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Single-Origin Philosophy

Acre Coffee more than just what's in the cup


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CAFFEINE SCENE Jasmine Partida and Cary Escovedo at Acre Coffee, where the process is as important as the result. - NICOLAS GRIZZLE
  • Nicolas Grizzle
  • CAFFEINE SCENE Jasmine Partida and Cary Escovedo at Acre Coffee, where the process is as important as the result.

Philosophy degree? Yeah, that and two bucks will get you a cup of coffee. "What's that saying, 'Jack of all trades, master of none?'" says Steve Decosse, owner of Acre Coffee. Describing his Master's degree in integral philosophy, the Midwest-raised deep thinker suggests with a smile, "It's more like jack of all trades, master of the nothingness. The process is more important than the content."

Acre Coffee's shops in Petaluma (which opened in 2011), San Francisco (2012) and Santa Rosa (2013) all offer single-origin specialty coffees brewed by trained baristas, but they offer more than just what's in the cup. The new shop in Santa Rosa, for instance, was designed to let in as much light as possible; with odd angles and high ceilings, it feels open and calming, a comfortable space to linger, talk, read a newspaper or get some work done on deadline. In Petaluma, the shop has a homey feel, with natural wood counters and windows that open to the street on a less-traversed area of Kentucky Street. The "neighborhood coffee shop," in fact, is something that Decosse feels was missing from the city.

"People always say to us, 'after Deaf Dog closed, we were lost,'" says Decosse. The independent coffee chain headquartered in Petaluma filed for bankruptcy in 2006; a Starbucks, which moved in across the street, still thrives. "[Starbucks] is a really aggressive company," says Decosse. "I think I want to come across with a positive message. I think about it a lot, actually."

Decosse's background as a former yoga instructor shows in his business. "Slow and steady wins the race," he likes to say, and to that effect, Decosse opened Slow Club, a restaurant in San Francisco's Potrero Hill, over 20 years ago and was a business partner in Healdsburg's Acre Cafe in the late '90s. He also founded Acre Gourmet, a company dedicated to serving high-quality school lunches. The concept has taken off in private school settings, with Acre placing chefs at school sites to create custom meals; Decosse also offers consulting for public schools.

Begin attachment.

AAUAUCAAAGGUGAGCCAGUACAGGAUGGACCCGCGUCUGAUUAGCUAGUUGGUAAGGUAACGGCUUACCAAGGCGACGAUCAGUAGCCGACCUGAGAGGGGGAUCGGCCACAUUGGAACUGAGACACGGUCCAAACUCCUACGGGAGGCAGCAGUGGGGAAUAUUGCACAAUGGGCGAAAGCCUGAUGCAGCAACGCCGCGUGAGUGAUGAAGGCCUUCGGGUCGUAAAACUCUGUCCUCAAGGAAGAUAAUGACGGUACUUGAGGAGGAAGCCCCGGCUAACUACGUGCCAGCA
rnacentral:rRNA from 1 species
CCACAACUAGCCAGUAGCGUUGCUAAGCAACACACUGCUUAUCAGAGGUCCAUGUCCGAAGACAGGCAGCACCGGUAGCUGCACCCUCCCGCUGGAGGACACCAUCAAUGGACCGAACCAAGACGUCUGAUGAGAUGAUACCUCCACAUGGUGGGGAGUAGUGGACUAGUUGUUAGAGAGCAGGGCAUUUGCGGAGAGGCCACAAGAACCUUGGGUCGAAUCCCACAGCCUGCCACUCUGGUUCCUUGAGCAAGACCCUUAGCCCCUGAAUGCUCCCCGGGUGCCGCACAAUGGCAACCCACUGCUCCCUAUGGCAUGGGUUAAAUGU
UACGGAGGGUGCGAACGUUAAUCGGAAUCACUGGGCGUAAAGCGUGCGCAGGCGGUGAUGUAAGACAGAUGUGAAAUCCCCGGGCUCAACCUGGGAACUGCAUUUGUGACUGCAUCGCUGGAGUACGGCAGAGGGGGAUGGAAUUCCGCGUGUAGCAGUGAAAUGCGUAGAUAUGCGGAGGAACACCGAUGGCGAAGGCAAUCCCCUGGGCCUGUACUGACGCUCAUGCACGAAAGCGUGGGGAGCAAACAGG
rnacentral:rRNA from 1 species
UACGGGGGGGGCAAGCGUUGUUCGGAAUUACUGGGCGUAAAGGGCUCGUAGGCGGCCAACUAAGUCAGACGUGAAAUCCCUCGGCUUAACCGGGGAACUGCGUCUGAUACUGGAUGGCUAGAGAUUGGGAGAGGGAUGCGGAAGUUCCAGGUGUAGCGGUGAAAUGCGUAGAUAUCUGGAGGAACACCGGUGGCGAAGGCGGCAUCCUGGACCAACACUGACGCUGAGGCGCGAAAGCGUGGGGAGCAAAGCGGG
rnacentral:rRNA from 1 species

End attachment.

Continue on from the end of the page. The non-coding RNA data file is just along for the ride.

Education extends to Acre's coffee shops as well. Once Acre begins roasting its own beans, offering them alongside roasts from Verve (Santa Cruz) and Sightglass (San Francisco), "then we'll offer public tastings and classes on home brewing," says Decosse, who moved to Portland, Ore. for three months to experience the concept first-hand from the experts at renowned roaster Stumptown Coffee.

In the coffee world, process is everything. Decosse knows his customers care about the beans' origins, and will be among a rare but increasingly popular breed of cafes serving beans from different roasters, a formerly taboo trend that's now catching on in big markets like New York City and San Francisco. "It's like a wine tasting room," says Decosse. "You want to bring the best of a region into one place."

The Bohemian's Java Jive reading takes place Thursday, Oct. 17, at Acre Coffee. 2365 Midway Dr, Santa Rosa. 6pm. Free. 707.595.5984.


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